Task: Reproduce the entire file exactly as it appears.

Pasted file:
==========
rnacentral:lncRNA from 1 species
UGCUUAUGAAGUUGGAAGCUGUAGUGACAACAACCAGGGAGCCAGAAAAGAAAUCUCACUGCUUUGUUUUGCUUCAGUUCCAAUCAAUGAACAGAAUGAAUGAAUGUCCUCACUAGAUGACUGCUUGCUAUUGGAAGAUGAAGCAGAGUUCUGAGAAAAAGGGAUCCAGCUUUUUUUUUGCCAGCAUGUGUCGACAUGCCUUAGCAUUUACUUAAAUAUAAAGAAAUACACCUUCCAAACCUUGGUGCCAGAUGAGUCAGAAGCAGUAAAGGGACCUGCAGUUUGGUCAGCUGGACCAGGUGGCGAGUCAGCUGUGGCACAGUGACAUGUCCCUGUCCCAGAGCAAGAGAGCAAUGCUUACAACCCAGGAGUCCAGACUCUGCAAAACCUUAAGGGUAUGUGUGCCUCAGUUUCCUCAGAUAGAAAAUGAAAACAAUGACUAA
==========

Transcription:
rnacentral:lncRNA from 1 species
UGCUUAUGAAGUUGGAAGCUGUAGUGACAACAACCAGGGAGCCAGAAAAGAAAUCUCACUGCUUUGUUUUGCUUCAGUUCCAAUCAAUGAACAGAAUGAAUGAAUGUCCUCACUAGAUGACUGCUUGCUAUUGGAAGAUGAAGCAGAGUUCUGAGAAAAAGGGAUCCAGCUUUUUUUUUGCCAGCAUGUGUCGACAUGCCUUAGCAUUUACUUAAAUAUAAAGAAAUACACCUUCCAAACCUUGGUGCCAGAUGAGUCAGAAGCAGUAAAGGGACCUGCAGUUUGGUCAGCUGGACCAGGUGGCGAGUCAGCUGUGGCACAGUGACAUGUCCCUGUCCCAGAGCAAGAGAGCAAUGCUUACAACCCAGGAGUCCAGACUCUGCAAAACCUUAAGGGUAUGUGUGCCUCAGUUUCCUCAGAUAGAAAAUGAAAACAAUGACUAA